Padres feeling better about Peavy deal

Padres feeling better about Peavy deal

LAS VEGAS -- It might be inching toward a deal instead of taking a big leap, but Padres general manager Kevin Towers said Tuesday evening that a deal involving Jake Peavy to the Cubs "looks more likely today than yesterday."

Towers confirmed that he met with Cubs general manager Jim Hendry earlier in the day Tuesday and would again later Tuesday evening as they continue discussions regarding the 2007 National League Cy Young Award winner and the compensation the Padres would receive in return.

Towers also indicated that a third team would be needed to facilitate a deal and possibly even a fourth team and that a deal, if it's agreed upon, wouldn't be announced until after Thursday's Rule 5 Draft.

The Phillies are believed to be the third team involved in the deal and have the pitching that the Padres would want in return. The Cubs have been rumored to be amenable to sending second baseman Mark DeRosa to the Phillies, who would then send pitching the Padres' way.

The Padres could also recoup pitching from a fourth team, like the Orioles, as they've been linked to left-hander Garrett Olson for the last month.

Towers said the package of players he's looking at lean more toward pitchers than position players and toward Major League-ready players who could land on the 25-man roster for Opening Day instead of prospects.

Towers had the sense that Hendry needed to move "money first" in order to get the deal off the ground. That could mean moving pitcher Jason Marquis and his $9.875 million contract for 2009 and possibly another player.

As was the case Monday, Towers is waiting to hear from Hendry that the deal is a go before they can proceed any further.

"We've pretty much settled on the players coming back," Towers said. "Jim has a feel for what we need to move Peavy. It's 'Is he able to make things happen financially to take on Jake's contract.'"

Peavy will make $11 million in 2009 and is owed $63 million over the next four seasons.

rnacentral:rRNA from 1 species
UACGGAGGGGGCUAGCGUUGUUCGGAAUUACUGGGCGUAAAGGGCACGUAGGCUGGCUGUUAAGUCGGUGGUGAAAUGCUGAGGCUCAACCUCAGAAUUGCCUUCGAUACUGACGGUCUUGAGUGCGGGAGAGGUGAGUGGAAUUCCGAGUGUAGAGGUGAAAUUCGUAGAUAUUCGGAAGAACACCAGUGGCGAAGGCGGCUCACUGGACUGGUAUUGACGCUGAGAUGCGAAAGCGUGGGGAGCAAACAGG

Still, Towers is moving ahead cautiously, knowing that moving Peavy in a deal will leave the Padres without their No. 1 starter and would net a return of players fans might not get excited about.

"If we make this decision to trade with the Cubs, we all better be damn happy with it," he said.

The Padres have been reluctant to move on any other fronts until the Peavy issue is resolved, which is why Towers has said he and Hendry have an agreement that there will be some resolution by Thursday.

While Towers has essentially figured out what he would be getting from a third team as well as a fourth team if needed, there's still some question as to what the Cubs would give in return. The prospect of pulling off a multi-team deal is daunting, Hendry said.

Since he became the Cubs' general manager, Hendry has been involved in one deal involving more than one team and that was when he acquired Nomar Garciaparra at the Trade Deadline in July 2004.

"We've only made one [multiteam deal] in my GM career, and that was a four-way and to this day, I'm not quite sure how it happened," Hendry said. "It was a two-way all week and all of a sudden, it became a four. I'm much better served one-on-one. I'm not quite as efficient as Theo [Epstein] or Billy Beane in multi-tasking, so I keep it as simple as I can."

Of course, some of the proposed compensation for Peavy could help fill the needs of a team that lost 99 games last season. In addition to looking for pitching, the Padres covet middle infield depth after trading Khalil Greene last week as well as a backup catcher.

The Padres are plotting their potential moves in Thursday's Rule 5 Draft, as they could take in upwards of three players, all likely pitchers to help aid a bullpen that went from the best in the Major Leagues in 2007 to among the most inconsistent last season.

San Diego will pick third in the Rule 5 Draft behind Washington and Seattle. The Padres currently have 37 players on their 40-man roster.

Corey Brock is a reporter for This story was not subject to the approval of Major League Baseball or its clubs.